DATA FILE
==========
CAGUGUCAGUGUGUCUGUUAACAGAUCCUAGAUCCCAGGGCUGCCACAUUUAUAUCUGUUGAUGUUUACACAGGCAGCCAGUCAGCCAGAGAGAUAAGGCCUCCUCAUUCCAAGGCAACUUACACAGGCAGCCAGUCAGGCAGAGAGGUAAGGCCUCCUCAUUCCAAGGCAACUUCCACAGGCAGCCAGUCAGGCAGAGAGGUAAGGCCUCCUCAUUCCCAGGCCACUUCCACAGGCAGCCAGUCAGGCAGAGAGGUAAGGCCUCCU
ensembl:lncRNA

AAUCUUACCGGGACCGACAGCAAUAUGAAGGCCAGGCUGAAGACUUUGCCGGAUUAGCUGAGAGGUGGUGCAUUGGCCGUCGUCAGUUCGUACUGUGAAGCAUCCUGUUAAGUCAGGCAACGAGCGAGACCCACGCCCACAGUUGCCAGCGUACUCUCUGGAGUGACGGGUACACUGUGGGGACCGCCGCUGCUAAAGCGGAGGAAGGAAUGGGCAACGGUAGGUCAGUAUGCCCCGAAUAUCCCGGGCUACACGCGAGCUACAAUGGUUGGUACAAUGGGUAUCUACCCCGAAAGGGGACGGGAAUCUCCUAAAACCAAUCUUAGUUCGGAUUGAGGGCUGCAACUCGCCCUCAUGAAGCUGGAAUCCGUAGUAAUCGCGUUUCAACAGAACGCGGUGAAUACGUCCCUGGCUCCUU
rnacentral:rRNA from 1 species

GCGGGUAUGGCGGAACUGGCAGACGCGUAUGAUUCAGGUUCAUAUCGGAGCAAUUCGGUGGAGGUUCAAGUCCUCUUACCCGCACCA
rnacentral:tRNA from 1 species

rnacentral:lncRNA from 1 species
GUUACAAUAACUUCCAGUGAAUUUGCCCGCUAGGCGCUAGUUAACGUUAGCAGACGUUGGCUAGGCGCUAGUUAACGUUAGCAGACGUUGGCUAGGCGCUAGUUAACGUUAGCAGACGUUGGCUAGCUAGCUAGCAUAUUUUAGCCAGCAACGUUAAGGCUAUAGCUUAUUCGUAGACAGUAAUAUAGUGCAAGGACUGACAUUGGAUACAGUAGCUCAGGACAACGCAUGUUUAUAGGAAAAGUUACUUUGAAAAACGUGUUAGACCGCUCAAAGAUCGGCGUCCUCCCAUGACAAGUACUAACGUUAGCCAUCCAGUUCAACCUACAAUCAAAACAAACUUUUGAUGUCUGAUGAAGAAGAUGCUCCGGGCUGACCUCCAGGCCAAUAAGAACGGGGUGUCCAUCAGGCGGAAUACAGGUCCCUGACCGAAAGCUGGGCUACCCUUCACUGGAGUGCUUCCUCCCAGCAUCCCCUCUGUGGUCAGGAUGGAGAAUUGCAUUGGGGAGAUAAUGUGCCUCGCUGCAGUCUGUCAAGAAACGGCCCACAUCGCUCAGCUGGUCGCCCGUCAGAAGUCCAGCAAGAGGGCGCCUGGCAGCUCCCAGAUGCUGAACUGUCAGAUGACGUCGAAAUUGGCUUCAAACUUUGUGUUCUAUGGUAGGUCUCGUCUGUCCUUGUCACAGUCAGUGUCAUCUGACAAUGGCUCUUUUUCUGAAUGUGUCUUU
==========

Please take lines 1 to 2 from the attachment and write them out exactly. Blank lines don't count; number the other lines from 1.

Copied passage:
CAGUGUCAGUGUGUCUGUUAACAGAUCCUAGAUCCCAGGGCUGCCACAUUUAUAUCUGUUGAUGUUUACACAGGCAGCCAGUCAGCCAGAGAGAUAAGGCCUCCUCAUUCCAAGGCAACUUACACAGGCAGCCAGUCAGGCAGAGAGGUAAGGCCUCCUCAUUCCAAGGCAACUUCCACAGGCAGCCAGUCAGGCAGAGAGGUAAGGCCUCCUCAUUCCCAGGCCACUUCCACAGGCAGCCAGUCAGGCAGAGAGGUAAGGCCUCCU
ensembl:lncRNA